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Are You Enjoying a Regular Handful of Raw Nuts?

 width=If you can manage to eat different types of raw nuts (at least twice a week) and by the handful, researchers have found that you can cut the risk of heart disease by almost a quarter. The study (published in the Journal of the American College of Cardiology) concluded that if you can regularly consume a handful of different types of nuts, it can provide significant protection against this killer disease. The hazelnuts pictured on the right were grown this year on our very own hazelnut tree on our allotment. They were delicious and did not last that long as we could not resist cracking and eating them! Find out more about hazelnuts below...

What types of nuts were suggested?

Walnuts, peanuts, cashews, almonds, pistachios and Brazil nuts were used in the research, having a strongly positive effect on heart health compared with the results for those people who either rarely or never ate these nuts. But of course there are many more nuts to choose from.
  • Pine nuts - these are the edible high protein seeds harvested from the pine cones that grow on pine trees, with some 20 species of pine producing seeds large enough to be worth gathering. The smaller seeds will be eagerly collected and eaten by small animals. Harvesting of the nuts can be labor intensive because the cones need to be heated to help dislodge the nuts, making pine nuts generally more expensive than other nuts.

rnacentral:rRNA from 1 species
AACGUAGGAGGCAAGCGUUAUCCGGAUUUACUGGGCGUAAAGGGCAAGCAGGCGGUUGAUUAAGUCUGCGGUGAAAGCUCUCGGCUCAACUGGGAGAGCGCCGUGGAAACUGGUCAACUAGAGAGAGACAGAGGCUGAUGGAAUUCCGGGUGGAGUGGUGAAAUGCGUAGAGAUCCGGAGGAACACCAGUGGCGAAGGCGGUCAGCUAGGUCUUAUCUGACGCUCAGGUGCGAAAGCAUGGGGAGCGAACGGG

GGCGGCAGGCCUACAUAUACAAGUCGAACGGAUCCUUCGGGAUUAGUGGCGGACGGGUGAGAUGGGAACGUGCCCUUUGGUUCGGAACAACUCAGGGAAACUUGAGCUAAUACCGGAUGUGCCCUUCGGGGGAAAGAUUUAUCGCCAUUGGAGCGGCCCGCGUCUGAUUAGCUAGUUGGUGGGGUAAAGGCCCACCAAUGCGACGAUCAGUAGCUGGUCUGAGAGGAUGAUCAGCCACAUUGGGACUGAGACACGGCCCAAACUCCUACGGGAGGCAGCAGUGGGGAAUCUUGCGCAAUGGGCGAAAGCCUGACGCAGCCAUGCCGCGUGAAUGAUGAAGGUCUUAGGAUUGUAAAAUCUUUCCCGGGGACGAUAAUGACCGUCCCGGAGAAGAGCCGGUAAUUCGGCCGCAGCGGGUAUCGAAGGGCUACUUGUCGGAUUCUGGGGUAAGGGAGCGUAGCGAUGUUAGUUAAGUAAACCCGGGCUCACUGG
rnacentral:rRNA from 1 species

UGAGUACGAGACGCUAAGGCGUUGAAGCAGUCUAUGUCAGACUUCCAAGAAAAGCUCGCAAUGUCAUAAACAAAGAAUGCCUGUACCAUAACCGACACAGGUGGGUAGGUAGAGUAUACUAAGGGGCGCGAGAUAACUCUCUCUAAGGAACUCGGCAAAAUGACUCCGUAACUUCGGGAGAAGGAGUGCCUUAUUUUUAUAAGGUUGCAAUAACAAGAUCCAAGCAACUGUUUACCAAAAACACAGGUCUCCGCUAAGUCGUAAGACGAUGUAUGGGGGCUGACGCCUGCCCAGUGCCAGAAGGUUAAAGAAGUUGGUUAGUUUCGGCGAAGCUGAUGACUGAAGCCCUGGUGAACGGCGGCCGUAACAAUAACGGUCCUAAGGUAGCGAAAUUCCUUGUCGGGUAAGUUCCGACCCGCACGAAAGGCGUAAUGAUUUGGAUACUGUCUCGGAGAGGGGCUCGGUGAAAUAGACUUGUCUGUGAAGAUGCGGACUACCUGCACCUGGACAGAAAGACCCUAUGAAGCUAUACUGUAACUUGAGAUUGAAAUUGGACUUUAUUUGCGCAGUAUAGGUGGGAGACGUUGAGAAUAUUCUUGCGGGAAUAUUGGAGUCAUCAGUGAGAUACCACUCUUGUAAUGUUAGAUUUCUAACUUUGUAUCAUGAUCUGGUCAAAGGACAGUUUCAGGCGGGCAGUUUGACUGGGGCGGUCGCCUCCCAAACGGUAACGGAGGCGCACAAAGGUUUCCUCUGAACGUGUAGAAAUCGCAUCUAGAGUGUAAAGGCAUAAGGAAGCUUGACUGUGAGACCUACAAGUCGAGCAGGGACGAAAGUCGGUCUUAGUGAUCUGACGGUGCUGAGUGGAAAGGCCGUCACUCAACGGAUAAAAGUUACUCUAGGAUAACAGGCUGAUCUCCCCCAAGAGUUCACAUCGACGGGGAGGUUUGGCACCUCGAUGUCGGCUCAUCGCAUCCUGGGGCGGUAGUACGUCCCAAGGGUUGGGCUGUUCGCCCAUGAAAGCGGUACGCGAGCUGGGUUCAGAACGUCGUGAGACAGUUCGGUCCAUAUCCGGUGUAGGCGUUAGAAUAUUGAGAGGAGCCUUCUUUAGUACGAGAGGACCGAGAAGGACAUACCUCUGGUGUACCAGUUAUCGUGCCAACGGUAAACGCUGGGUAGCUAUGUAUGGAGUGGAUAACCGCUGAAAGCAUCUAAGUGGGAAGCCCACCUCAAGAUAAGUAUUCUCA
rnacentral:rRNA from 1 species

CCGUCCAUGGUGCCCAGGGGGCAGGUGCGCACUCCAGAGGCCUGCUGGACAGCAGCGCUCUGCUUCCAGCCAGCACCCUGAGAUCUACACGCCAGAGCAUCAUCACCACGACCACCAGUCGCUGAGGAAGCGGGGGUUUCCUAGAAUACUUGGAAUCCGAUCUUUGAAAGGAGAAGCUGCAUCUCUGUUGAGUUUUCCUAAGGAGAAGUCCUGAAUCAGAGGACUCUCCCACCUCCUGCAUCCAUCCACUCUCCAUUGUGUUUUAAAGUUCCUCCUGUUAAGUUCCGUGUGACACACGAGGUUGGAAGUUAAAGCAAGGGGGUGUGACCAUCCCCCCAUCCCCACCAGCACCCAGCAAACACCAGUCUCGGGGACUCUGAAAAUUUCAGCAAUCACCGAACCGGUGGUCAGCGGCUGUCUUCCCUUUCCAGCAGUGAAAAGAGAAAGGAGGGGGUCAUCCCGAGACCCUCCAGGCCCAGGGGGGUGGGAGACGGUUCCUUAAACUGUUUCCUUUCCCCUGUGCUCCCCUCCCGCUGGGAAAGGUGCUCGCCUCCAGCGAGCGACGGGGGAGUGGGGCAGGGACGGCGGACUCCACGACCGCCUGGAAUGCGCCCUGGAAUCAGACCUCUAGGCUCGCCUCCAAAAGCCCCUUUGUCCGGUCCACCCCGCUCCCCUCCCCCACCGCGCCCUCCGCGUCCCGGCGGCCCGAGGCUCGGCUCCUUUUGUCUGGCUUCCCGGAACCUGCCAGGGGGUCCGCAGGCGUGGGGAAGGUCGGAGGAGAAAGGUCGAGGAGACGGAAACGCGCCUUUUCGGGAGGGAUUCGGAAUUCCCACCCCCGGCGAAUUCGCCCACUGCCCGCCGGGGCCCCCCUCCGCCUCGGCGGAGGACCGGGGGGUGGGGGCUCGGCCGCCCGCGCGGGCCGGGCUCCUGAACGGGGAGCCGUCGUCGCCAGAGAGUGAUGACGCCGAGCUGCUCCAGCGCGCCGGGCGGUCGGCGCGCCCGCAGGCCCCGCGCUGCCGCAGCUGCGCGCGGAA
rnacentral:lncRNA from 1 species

• Cashew nuts – these come with plenty of monounsaturated fat, polyunsaturated plus 16% saturated fat. Two acids are palmitic and stearic while providing a good source of vitamin B6 and K as well as iron and thiamin.
  • Pecan nuts – these contain over 19 vitamins and minerals including vitamins E and A, folic acid, calcium, magnesium, copper, phosphorus, potassium, manganese, several B vitamins and zinc and are said to lower bad cholesterol.
  • Hazelnuts – deliciously rich in protein and unsaturated fat, they also contain vitamin E, riboflavin, vitamin B6 and other B vitamins, thiamin, folate and manganese.
The study went on for a long time - namely 32 years - and looked at more than 210,000 people working the USA health professions. Head researcher was Dr. Marta Guasch-Ferre - a nutritionist at Harvard University in Boston.

Nuts are a superfood!

Dr. Guash-Ferre confirmed that the research's findings strengthened the reputation of nuts as being a "superfood", adding that the health benefits in preventing cardiovascular disease included strokes and high blood pressure.
  • Nuts are high in antioxidants, proteins, minerals and fiber.
  • Nutritionists have been pushing nuts to be part of a balanced healthy diet for some time.
  • Nuts have been found to help protect against other serious illnesses too including cancer, diabetes, repiratory conditions and dementia.
  • Even though nuts are high in fat, they can reduce the risk of obesity.
Nuts, preferably unpeeled and unprocessed, can be considered as natural health capsules! For optimum health benefits, nuts should be eaten raw so stay away from roasted, toasted, sweetened and salted versions.